> TEOTWAWKI Blog: TEOTWAWKI Wife: Survivors Review



TEOTWAWKI Wife: Survivors Review

Editor's Note: I will have a review up on Survivors in the next couple days, but thought it would be smart to give you my wife's opinion for a change of pace and a different perspective. She read Survivors with me, has not read Patriots and is not the dystopian fiction junkie that I am. Now, on with the review...

First off, I have to confess that my husband and I had just finished reading the Hunger Games trilogy before reading this book. If you haven’t read Hunger Games, it’s a fantastically written series--great characters, dialog, exciting plot--all the stuff you look for in a novel. And honestly, going from those books to Survivors was a big shift in overall quality. With that in mind. I tried to be as fair and honest in this review without letting our previous reading taint my feelings towards this book.

Survivors is considered a sequel to James Wesley, Rawles' first novel, Patriots. Instead of the usual sequel format, Rawles sets Survivors time line events contemporaneously with Patriots time line. I am assuming his intent was to make it flow better for readers and make it easier for readers to just pick one up without the need to read the other first. I have not read Patriots, but I didn't find any confusing, crossover details--Survivors is self-contained. However, despite the fact that Survivors is self contained, it can still be confusing at times. It jumps back and forth between different years after the collapse with different characters and it doesn’t work that well…

It’s hard to briefly summarize Survivors because, frankly, it’s all over the place. There are at least 10 different characters and some just get a page and a half-long chapter and then we never hear from them again. This for me was totally bizarre. Several of these characters are completely disconnected from the main plot line and we're left confused about their purpose.

I know Rawles intent for writing this novel was to detail different strategies for protecting and preparing themselves in the case of a TEOTWAWKI situation, but truthfully Rawles never engages you with the characters. There's no attachment--if a character gets killed you could care less. And when characters do die, Rawles' characters barely react--there's one sentence given and then character isn’t mentioned again.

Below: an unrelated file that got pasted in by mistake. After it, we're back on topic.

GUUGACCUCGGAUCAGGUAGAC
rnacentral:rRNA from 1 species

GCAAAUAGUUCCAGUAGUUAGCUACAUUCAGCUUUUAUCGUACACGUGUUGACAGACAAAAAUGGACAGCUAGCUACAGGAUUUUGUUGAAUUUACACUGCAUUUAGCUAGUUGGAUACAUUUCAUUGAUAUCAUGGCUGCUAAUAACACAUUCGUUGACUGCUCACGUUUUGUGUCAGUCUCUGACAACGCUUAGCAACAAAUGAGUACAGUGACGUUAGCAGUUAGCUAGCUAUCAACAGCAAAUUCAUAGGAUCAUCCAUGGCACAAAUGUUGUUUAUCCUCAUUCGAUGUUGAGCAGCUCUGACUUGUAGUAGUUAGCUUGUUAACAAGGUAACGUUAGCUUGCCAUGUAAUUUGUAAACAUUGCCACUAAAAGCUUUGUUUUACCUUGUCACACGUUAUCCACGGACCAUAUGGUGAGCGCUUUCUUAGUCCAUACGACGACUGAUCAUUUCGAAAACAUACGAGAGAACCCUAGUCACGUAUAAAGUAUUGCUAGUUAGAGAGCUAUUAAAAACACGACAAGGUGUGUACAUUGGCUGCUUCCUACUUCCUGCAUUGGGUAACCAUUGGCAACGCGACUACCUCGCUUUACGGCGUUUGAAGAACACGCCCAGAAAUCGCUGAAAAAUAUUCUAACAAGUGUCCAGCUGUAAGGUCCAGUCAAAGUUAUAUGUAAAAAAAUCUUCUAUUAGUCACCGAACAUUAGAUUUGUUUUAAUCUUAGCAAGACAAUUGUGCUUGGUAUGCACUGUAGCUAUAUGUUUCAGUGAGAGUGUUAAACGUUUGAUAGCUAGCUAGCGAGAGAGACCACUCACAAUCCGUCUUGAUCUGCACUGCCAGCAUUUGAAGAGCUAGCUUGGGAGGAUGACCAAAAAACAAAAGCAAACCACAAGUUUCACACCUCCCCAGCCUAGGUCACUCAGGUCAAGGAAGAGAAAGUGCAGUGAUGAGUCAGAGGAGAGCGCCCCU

Maybe Rawles' assumes his readers don’t care about character attachment, likability and some semblance of emotional reaction? There's little of that in Survivors, which makes it a tough read. 

My husband and I read this book together, which was good and bad. It became the "putting you to sleep book," mostly because of the lack of dialogue and the long paragraphs of details, never-translated foreign languages or morse code conversations. To keep ourselves entertained, we added fun accents and voices to the the less interesting parts.

I found the Crunch scenario a little unrealistic at times and thought the collapse was a too quick in its time line. The U.S. basically goes from some economic troubles to the end of the world after a few weeks of hyperinflation.

Rawles hits on precious metals again and again throughout the book. He definitely gets a little preachy here--it made me feel like I was watching a Glenn Beck “Buy Gold” commercial at times. 

Also, if you’re not religious you may get annoyed at times--Rawles' characters are all good Christians and quote scriptures throughout. For us, it was nice to read a novel that talked so candidly about God, prayer and had many scriptural references. We even used some of the scriptural references for our morning study. 

All that aside, Rawles does try hard to keep the plot moving with one story line (Andy Laine's) and we do get to see the story line (mostly) finish by the end of the book. A few of the character's story lines come together towards the end of the book, which I was expecting and was happy to see. However, the book's ending leaves a lot of loose threads and it is unclear if these will be resolved in Rawles' next book.

Rawles does take a lot of time explaining different survival techniques, weapons and simple things one could potentially do in this situation. I’m pretty sure this is why Rawles writes these novels, to get useful information to readers without writing non-fiction. It’s also easier to write about illegal weapons in a fictional novel than a non-fiction novel where people would be more apt to be curious why you know so much J Also, maybe it was all the gun talk in the book but I actually agreed to go gun shopping with my husband. I may even get a gun in the near future, which is a big deal for me.

My husband thinks Patriots is better, so maybe I’ll pick that up one day, but for now I need a break from James Wesley, Rawles. I don’t want to be too harsh because we have authors in our family that deal with mean critiques, but seriously, Rawles' editor did him a disservice by not helping with the overall quality of the writing.

Survivors: A Novel of the Coming Collapse >